Pedestrian and Bicyclist Research

Researchers in TTI’s Mobility Division conduct research to make walking and bicycling a safe, routine, and convenient part of everyday mobility. Many of our research projects aim to identify more and better sources of data for planning, monitoring, and evaluation.

TxDOT Pedestrian and Bicyclist Count Data Program

Texas Bicycle and Pedestrian Count Exchange.

TTI has worked with the Texas Department of Transportation (TxDOT) since 2016 to improve the availability and quantity of pedestrian and bicyclist count data in Texas. The most visible product of this work has been a statewide database called the Texas Bicycle and Pedestrian Count Exchange, which is intended to be a one-stop location for all pedestrian and bicyclist count data in Texas.
TTI has produced several other guides and reports in this effort:

Aggieland Bikeshare Analytics

In the spring of 2018, Texas A&M University launched an ambitious dockless bikeshare program, which included more than 3,000 bikes on the main campus in College Station. When used for a trip, each bike generated location data for the start and end of that trip, as well as the route taken. TTI developed an easy-to-use Aggieland Bike Share Dashboard for summarizing and visualizing hundreds of thousands of bike trips in the College Station and Bryan area. This bikeshare dashboard was used extensively by Texas A&M as they expanded their bikeshare program throughout 2018 and 2019.

Iteris PedTrax Evaluation

The Eco-Counter Multi product uses passive infrared sensors to count pedestrians and inductance loops in the pavement to count bicyclists traveling in both directions.

Traffic signal systems are becoming smarter and intersection sensors are have advanced monitoring features beyond simple traffic detection. In the spring of 2019, TTI evaluated the accuracy of Iteris’ PedTrax feature, which automatically counts the number of crossing pedestrians using intersection video cameras. TTI used a rigorous benchmark evaluation process to quantify the pedestrian counting accuracy of Iteris PedTrax at two intersections in College Station, Texas. The rigorous evaluation process has subsequently been used in several other independent evaluations of pedestrian counting systems.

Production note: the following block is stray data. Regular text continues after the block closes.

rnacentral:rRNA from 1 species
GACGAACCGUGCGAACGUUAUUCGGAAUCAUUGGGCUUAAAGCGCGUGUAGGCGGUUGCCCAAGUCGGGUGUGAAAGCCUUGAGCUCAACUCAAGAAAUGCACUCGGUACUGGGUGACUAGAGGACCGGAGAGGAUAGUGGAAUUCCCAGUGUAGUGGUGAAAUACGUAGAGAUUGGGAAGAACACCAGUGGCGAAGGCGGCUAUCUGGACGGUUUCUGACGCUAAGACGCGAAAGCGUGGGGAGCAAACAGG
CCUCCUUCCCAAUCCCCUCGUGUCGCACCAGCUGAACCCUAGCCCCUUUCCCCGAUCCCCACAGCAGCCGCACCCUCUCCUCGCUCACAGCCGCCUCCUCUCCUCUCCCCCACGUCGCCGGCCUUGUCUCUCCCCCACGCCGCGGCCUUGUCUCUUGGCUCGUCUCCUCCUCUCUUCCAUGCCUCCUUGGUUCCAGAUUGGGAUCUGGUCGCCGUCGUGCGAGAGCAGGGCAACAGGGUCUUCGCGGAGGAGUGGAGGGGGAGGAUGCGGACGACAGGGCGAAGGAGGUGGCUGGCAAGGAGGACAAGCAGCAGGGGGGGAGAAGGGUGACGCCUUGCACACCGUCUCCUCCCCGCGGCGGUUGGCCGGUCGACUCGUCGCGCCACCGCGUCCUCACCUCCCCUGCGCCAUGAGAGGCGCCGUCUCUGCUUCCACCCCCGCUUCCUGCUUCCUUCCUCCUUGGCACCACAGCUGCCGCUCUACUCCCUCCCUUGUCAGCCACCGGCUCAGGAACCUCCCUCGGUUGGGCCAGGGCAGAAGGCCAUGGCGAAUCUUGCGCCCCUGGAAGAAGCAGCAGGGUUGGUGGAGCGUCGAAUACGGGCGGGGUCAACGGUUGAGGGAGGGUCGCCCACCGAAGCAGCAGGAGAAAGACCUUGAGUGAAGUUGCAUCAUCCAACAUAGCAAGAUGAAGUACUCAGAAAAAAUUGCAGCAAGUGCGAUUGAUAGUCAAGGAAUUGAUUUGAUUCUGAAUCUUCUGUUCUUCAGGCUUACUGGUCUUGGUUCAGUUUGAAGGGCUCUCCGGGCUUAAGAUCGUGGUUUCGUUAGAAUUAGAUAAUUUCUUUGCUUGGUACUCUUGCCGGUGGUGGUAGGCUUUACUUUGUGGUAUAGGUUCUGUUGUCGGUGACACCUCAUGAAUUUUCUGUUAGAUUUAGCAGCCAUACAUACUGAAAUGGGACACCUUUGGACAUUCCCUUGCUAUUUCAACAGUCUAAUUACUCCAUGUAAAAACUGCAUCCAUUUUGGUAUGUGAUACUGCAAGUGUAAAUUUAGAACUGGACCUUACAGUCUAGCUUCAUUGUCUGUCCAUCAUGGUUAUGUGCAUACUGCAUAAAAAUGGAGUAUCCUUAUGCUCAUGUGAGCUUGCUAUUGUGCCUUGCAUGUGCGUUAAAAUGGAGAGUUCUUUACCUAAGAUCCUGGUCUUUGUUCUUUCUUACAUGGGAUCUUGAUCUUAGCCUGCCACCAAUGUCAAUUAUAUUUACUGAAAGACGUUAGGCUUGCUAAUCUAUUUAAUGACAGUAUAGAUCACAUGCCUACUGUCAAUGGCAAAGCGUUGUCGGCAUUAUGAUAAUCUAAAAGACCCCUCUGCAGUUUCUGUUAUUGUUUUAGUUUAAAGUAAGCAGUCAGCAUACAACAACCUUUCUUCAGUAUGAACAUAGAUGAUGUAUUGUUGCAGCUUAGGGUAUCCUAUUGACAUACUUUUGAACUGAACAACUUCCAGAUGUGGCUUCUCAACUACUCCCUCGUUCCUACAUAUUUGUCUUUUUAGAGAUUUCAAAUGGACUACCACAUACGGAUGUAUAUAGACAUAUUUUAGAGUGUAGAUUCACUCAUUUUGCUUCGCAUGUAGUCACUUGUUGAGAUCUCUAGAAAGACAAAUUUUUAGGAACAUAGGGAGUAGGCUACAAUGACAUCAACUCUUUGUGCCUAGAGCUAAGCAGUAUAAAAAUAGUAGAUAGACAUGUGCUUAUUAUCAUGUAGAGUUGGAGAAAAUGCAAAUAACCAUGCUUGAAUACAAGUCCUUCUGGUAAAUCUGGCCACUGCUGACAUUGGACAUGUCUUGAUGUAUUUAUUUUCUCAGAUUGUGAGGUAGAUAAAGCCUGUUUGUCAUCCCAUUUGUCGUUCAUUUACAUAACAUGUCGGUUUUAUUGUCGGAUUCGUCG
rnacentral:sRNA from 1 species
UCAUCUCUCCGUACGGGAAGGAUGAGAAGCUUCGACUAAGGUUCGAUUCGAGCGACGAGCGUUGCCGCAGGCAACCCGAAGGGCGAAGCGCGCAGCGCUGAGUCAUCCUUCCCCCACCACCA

FHWA Traffic Monitoring Guide

The Federal Highway Administration (FHWA) maintains a Traffic Monitoring Guide, which is considered the bible of traffic monitoring for state DOTs. In the 2016 edition, TTI developed the first-ever chapter in the Guide devoted exclusively to monitoring nonmotorized modes of bicycling and walking. This inaugural guidance is contained in Chapter 4, Traffic Monitoring for Nonmotorized Traffic.

FHWA Scalable Risk Assessment for Pedestrians and Bikes

The objective of this multi-year project was to develop systematic methods for assessing pedestrian and bicyclist risk (and exposure to risk) at a wide range of geographic scales (both facility-specific and areawide). TTI developed the Guide for Scalable Risk Assessment Methods for Pedestrians and Bicyclists that details risk assessment and exposure estimation approaches. The Guide provides information on analytic methods to estimate pedestrian and bicyclist exposure. Depending upon the desired geographic scale, one or more of these three analytic methods can be used to estimate pedestrian and bicyclist exposure:

  1. site counts;
  2. travel demand estimation models (several different types); and,
  3. travel surveys.

An accompanying spreadsheet tool to estimate statewide and MPO area non-motorized exposure was also developed and is based on combining data from the American Community Survey and the National Household Travel Survey. TTI provided training and technical assistance through mid-2020 for implementing these risk assessment and exposure estimation approaches.

Monitoring Trail Usage in National Parks

Many of the largest and busiest national parks are doing more to monitor and manage their natural resources, which in most parks include extensive hiking trail networks. In a funded research project, TTI developed a Guidebook on monitoring trail usage and non-motorized traffic in National Parks and other Federal lands. TTI also evaluated several different types of automatic trail counters and demonstrated their use for long-term trail monitoring in two case study parks in Texas: San Antonio Missions National Historical Park and Guadalupe Mountains National Park. More details can be found in the project report.

Strategic Plan for Non-Motorized Traffic Data in Colorado

The primary objectives of this project were to:

  1. evaluate current non-motorized data collection methods being used by the Colorado Department of Transportation (CDOT);
  2. evaluate non-motorized traffic count data that had been collected to date; and,
  3. develop a strategic plan for CDOT’s non-motorized traffic monitoring program.

In the project, TTI provided recommendations for non-motorized site selection, non-motorized traffic count factor groups, and sample coverage adequacy. TTI also assessed the quality and consistency of non-motorized data collected thus far, and developed data charts and summaries of non-motorized traffic patterns and trends.